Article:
The most striking thing about millennials’ sudden surge in wealth: It dwarfs the progress of previous generations that experienced a recession during their young adult years.

For example, Gen Xers’ real wealth grew by only 4% in the four years following 2007’s Great Recession. Baby boomers’ real wealth grew by 46% in the four years after the 1990 recession. Millennials outpaced them all and then some.

One game changer for millennials was the student-loan payment pause and the subsequent relief programs President Joe Biden has been rolling out. Millennials holding debt had, on average, $40,614 as of 2023. The Biden administration has been chipping away at some of America’s student debt load, forgiving nearly $160 billion so far through account adjustments, fraud restitution, and clearing a backlog of applications to major debt forgiveness programs like one for people who work in public service.

Amanda, a millennial parent in Texas who works in tech, never made any payments on her loans at all. Since she didn’t go straight into college after graduating from high school, she graduated from college during the pandemic pause.

The break alleviated some concerns over her financial prospects after graduation. She said she felt her degree was completely useless. Her school also didn’t offer any of the job assistance it had promised. But, it all ended up working out for Amanda; just two weeks after she and her husband bought a house together in 2023, she found out her $80,000 loan balance was forgiven. In total, Amanda and her family have more than doubled their income since the start of the pandemic; she’s making just around $100,000 now.

“I came from very poor circumstances and I was determined that my kid would not live the same way I did,” she said.

Some anxiety — but more stability

The pandemic didn’t turn around every millennial’s financial position. The rise in wealth has added fuel to the generation’s class divide because it left some behind — after all, many millennials still live paycheck to paycheck.

“A lot of millennials are doing worse than their parents,” Rob Gruijters, a university lecturer at the University of Cambridge and the coauthor of a recent paper on the growing millennial wealth gap, told BI.

“The narrative is increasing inequality, and that has losers and winners,” he said. “So there’s people who are on the top side of the distribution, they benefit from the increase in inequality, and then there’s quite a substantial number of people who are losing in that situation.”

One way the top end is getting richer while lower-income millennials still struggle is through stock market investments. Stock values have skyrocketed over the last few years, with the S&P 500 soaring after the initial pandemic shock and still hitting record highs; however, the top 10% of Americans own around 93% of stocks.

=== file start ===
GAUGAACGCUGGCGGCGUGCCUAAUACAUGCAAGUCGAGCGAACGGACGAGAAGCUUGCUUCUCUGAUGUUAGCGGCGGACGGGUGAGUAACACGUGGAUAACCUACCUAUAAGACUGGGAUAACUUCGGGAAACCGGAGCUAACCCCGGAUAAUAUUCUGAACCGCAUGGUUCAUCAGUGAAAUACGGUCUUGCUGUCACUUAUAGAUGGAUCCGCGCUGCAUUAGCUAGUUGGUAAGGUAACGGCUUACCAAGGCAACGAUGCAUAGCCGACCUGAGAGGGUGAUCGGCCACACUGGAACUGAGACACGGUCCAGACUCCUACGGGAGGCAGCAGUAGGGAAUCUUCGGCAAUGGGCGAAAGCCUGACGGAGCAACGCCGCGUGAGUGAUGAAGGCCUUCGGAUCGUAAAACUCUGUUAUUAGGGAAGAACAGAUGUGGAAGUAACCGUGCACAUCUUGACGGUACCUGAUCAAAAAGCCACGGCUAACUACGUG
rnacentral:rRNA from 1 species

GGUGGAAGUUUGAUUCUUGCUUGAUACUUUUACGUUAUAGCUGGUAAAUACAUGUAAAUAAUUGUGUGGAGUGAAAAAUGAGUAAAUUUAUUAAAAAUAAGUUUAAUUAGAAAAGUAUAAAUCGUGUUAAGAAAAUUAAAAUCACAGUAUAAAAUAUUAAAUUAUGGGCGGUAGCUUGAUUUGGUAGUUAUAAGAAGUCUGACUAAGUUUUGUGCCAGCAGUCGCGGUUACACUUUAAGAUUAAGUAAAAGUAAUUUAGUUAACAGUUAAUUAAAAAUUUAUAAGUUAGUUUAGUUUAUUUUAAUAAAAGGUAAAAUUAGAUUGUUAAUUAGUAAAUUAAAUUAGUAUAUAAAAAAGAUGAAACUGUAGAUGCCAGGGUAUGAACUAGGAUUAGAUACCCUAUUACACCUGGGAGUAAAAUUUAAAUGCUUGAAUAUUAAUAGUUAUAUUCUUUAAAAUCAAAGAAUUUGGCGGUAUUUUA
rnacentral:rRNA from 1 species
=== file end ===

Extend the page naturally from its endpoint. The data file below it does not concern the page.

Still, lower-income Americans were the ones most likely to have benefited from the post-pandemic wage gains pushed by labor shortages in some industries. Research has found that wage growth at the bottom of the income distribution helped counteract the effects of decades of wage inequality and even pared down the college wage premium.

Still, even some millennials who have seen their lots improve fret about the future. They’re hyperaware of just how quickly things can take a turn.

“I know that I’m doing a lot better than other people my age, but there’s still a lot of anxiety that if there’s another pandemic, if anything crazy happens, if we lose our jobs, how do we pay the bills?” Amanda said.

For Caitlin de Oliveira, 34, the pandemic boost hasn’t meant anything as radical as doubling her household’s income or buying a new home. Instead, stimulus measures — including monthly child tax credit checks in 2021 — meant that her family was able to gain a financial foothold.


Caitlin de Oliveira and her family

Caitlin de Oliveira and her family.

Courtesy of Caitlin de Oliveira



Between upping their savings and gains from a robust stock market, their 401(k) has grown to a little under $85,000 — up from around $20,000 in 2019. That’s meant she’s been able to feel confident that they are on their way to being able to retire in a good spot.

“Just knowing that is so comforting,” she said. She said that she doesn’t think millennials are as “dumb” financially as people say — “a lot of us are really trying — it’s just been hard.”

In the past, Khary said, millennials had dealt with crises and just complained. But not this time.

“As millennials, I think we felt ready and it proved that we had been through quite a bit and we kind of learned from it,” he said. “It kind of built up a sense of confidence in us that we can actually handle sort of what’s coming down the road if there’s any more crises.”

Are you a millennial whose finances have improved substantially over the last few years? Contact this reporter at [email protected].